OpenID on Google, AOL, Yahoo not really OpenID
As a supporter and user of OpenID, I have a hard time explaining how Google, Yahoo, AOL and other "openID providers" are really involved.
A search of their sites does not reveal any useful explanation. They're merely using their login procedures as an OpenID token. Their login boxes don't look, act, feel, or represent the user--they represent the company (Goog, AOL, etc.) Those sites are not promoting OpenID in any clear way.
People want to use existing accounts, but these companies are creating tremendous confusion by hiding. What's up with that?
Biplab Das commented
I want open id in yahoo.because it is my hope.
huzzer al azhar commented
I cant sign in to google or some of these other big companies with an OpenID.
It makes it impossible to have just one ID.
AdminChris Messina (Admin, OpenID) commented
A couple responses... You should take a look at the "Identity in the Browser" project:
It leaves a lot to be desired, but it's an effort to get OpenID into the browser.
Second, that the browser "knows about all your accounts" is a large part of why I thought Flock should be a browser and not a bunch of extensions. The browser is in the perfect place to act as the user's agent!
Lastly, about RSS... it took a lot more than just a browser button -- you had to convince publishers to actually support the format! That's the hard part -- similar to getting more sites to support signing in with OpenID. We're working on it — and having folks like you out there able to tell the story of OpenID and explain its benefits is critical to our success.
I just want to make one more point, if I may :)
When giving the browser the ability to log-in to openID web sites, you benefit from the fact that the browser already knows what sites you're regularly signing in to, so it can recommend you from your already existing openID accounts. over time - forming one constant identity, or giving you the choice of creating different ones (for work, friends, or self)
And back to the original topic from Mr. Anonymous (ironic isn't it?), I also think that besides branding their own openIDs, large companies will eventually have to settle, and giving the option to sign to their own site using openIDs! well, I just might missed an entire chapter in economics by suggesting that but at least it seems right!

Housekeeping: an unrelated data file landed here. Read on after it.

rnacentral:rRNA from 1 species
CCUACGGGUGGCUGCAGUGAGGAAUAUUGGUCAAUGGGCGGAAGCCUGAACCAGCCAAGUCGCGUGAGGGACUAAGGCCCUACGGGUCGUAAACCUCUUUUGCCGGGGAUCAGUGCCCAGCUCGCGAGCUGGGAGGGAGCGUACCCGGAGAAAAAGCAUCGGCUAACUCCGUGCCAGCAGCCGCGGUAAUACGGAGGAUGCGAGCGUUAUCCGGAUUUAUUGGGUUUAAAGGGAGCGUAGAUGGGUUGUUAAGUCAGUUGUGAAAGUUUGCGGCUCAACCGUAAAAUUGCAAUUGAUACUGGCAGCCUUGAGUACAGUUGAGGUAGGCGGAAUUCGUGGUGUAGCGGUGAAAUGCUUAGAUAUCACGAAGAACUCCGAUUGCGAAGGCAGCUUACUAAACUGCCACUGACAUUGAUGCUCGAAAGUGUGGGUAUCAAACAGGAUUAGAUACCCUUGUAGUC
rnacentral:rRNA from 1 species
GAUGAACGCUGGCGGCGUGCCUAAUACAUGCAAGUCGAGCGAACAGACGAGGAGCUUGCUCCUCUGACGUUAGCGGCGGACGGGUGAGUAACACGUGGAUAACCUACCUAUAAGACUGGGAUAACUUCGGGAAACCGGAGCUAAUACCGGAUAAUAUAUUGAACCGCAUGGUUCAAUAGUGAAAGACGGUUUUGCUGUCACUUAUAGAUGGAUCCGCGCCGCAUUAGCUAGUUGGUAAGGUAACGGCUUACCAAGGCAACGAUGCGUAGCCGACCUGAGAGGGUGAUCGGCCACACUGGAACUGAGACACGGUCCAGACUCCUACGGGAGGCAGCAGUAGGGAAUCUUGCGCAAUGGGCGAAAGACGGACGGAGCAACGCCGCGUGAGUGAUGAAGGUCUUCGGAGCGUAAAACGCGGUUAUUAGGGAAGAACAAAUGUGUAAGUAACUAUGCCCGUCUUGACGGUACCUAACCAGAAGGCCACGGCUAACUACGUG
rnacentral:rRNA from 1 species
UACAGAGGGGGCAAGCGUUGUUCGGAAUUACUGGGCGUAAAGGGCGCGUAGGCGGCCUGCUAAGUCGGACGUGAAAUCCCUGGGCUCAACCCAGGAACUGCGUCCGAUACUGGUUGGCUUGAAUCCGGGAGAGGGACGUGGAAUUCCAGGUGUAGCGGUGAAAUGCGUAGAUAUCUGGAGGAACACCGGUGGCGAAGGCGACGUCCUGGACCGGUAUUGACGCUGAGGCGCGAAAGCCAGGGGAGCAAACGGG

Well, I'm just reading your post "Portable Profiles & Preferences on the Citizen-Centric Web".... so I guess you did not miss 1Password.
I Imagine this openID browser "button", as something between the RSS button, which "reveals" an underlying data thats build in the site (in this case, the log-in procedure) and also some kind of a cookie, that it stores a bit of information on you, but maybe be only for a set period of time, your own computer you might want to keep it forever, but for family computer, it clears out between sessions or between different sites. I'm just speculating.... I'm describing what I want from a user point of view, I guess the work needed to accomplish such thing is huge.
Its true that large companies can/should inform regular internet users about the benefits of openID through tooltips, help screens, or any other method, (of course, they will do that only when the technology underneath will materialize and have clear benefits). What I really think should happen is that if by case studying RSS, an idea that is "net wide", a standard on the entire web, it only gained its popularity when it was recognized by the web browsers developers: Microsoft and Mozilla. what did they really had to add? a simple button. because of its broad reach and applications, RSS had to be thought as if built-in to the browser so the user will have a good concept of how they are "taking" the news "out" of the web page they are viewing. In my own opinion, openID needs the same treatment . I think a good practice will be a browser integrated component (certainly helping the "trust" factor), it will hold only the key details it needs to make the magic happen and only ask for your One password when needed. please take a look at a Mac program called 1Password and tell me if it succeeds -to some extent- in mimicking the user experience that openID longs for.
AdminChris Messina (Admin, OpenID) commented
That's a curious point. Do you have specific ideas for how they could better support OpenID? The large companies are very involved in driving the technology and supporting the Foundation, but, apart from Yahoo, there isn't too much public documentation about their support for OpenID for regular internet users.